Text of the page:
We are in the midst of a Vivian Maier moment. She has concurrent shows around the world. Three lovely coffee table books, one a year since 2011. There’s a forthcoming documentary out about her, Finding Vivian Maier. Then there’s the Chicago History Museum lecture coming up on April 16 called “The Reinvention of Vivian Maier.” And all of this since her death, or more rightly, because of her death.
Since I first saw the exhibit Finding Vivian Maier at the Chicago Cultural Center in 2011, I have had mixed feelings about Maier’s work. It is undoubtedly compelling. The images are beautiful and the photographer so clearly loves city life. I pretty much never miss a street photography show. Last year’s Film and Photo in New York with Helen Levitt and Robert Frank among others, as well as Dawoud Bey’s Harlem USA, both at The Art Institute of Chicago, were riveting examples of urban photography. But they were different from Finding Vivian Maier. These photographers created work specifically for exhibition. They not only consented to their work being exhibited, they also had a say in the body of work from which the curators had to select. Even if this say came only in the form of editing out images the individual artists didn’t prefer. Vivian Maier didn’t have this opportunity. Her oeuvre of over 100,000 negatives I am assuming are relatively unedited by her, and they are certainly not edited for exhibition.
Vivian Maier Street Photographer is beautiful. Glossy, nice-sized pages that encourage getting lost in the images. Although all of the images contained are of public space, there is an intimacy to Maier’s work that makes me want to curl up on the sofa alone and spend some time with them. This irony of looking at these public images in private does not seem to be lost on the book. While some images are shown on opposing pages, others are allowed a blank page to give the reader time and space to consider the photo.
The book is organized roughly into three sections. The first are the city photos everyone loves—people, buildings, urbanity. Toward the end, there is a cluster of photos of animals dead in the street. These are juxtaposed against images of people sleeping, passed out, dirty children. It is impossible not to read this as “Oh look how these dead city animals resemble our tossed aside urban people.” It is here that the book becomes interesting in another way. I couldn’t help but wonder if Maier would have edited the book in this fashion. There are no titles to images. No dates. This is not the fault of the editor and rescuer of Maier’s work, John Maloof. I spent a lot of time on his website and it is clear that while some of her images are dated, most are not. How does one curate over 100,00 photos? With so much to chose from, is it even possible to allow the work to tell it’s own story? And what story would that be? The story Maier wanted to tell with her photographs? The story of Vivian Maier? Maybe it’s the story of John Maloof, whose life is now inextricably bound to hers.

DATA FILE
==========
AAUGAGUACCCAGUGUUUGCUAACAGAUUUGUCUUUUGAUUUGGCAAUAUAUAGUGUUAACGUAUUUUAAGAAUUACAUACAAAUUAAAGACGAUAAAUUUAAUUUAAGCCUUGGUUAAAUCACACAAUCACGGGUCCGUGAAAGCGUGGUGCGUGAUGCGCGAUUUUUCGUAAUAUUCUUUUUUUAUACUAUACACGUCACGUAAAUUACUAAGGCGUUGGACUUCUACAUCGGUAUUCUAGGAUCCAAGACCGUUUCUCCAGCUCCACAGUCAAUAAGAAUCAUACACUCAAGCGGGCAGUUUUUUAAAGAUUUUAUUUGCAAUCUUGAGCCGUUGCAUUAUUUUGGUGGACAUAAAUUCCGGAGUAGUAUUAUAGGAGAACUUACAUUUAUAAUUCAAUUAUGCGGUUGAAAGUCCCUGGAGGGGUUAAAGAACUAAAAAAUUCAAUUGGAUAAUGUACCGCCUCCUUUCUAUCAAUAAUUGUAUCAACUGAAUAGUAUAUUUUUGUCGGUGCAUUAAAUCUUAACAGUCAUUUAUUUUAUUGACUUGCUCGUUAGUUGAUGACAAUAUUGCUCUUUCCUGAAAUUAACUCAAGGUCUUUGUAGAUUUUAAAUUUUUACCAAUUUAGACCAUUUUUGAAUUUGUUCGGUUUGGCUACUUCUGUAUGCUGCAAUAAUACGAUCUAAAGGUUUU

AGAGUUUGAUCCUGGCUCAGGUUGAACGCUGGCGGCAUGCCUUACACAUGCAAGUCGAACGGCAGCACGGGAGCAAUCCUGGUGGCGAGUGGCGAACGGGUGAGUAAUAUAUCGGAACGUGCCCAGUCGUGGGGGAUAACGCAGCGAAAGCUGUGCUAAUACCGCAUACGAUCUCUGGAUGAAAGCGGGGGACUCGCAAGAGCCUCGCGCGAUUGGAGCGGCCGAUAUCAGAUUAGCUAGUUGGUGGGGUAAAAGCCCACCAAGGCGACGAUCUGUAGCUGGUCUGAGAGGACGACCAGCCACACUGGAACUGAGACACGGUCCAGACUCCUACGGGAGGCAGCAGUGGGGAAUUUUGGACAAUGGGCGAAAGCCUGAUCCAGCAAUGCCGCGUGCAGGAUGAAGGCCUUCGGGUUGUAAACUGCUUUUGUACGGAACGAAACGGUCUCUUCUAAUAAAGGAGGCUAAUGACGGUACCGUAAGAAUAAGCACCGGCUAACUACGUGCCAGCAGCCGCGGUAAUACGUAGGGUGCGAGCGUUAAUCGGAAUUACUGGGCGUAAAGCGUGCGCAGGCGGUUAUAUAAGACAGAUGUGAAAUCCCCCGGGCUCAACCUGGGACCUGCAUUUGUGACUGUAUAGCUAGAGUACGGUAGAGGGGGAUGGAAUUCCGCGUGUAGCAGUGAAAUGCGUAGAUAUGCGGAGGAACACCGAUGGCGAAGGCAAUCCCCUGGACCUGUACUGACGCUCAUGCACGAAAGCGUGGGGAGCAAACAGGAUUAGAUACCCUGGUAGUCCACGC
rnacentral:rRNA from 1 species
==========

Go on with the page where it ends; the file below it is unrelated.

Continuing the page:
After the Acknowledgments, there are more photos, Maier’s self-portraits. These are moving and unsettling. All I could think about was what this impossibly private person might think of all this. Looking at her pictures of other people seemed fine, but looking at pictures of Maier herself felt prurient and unseemly. But that is part of what the world loves about Vivian Maier, she is the fantasy of the undiscovered artist. The person who made work just for herself and then after her death is discovered to be a genius. It’s like every undergraduate art student’s fantasy come true.
This is a lovely book to spend time with and is more thought provoking than I had expected. I highly recommend it.
Vivian Maier Street Photographer, edited by John Maloof
Hardcover, 144 pages
Powerhouse Books, $39.95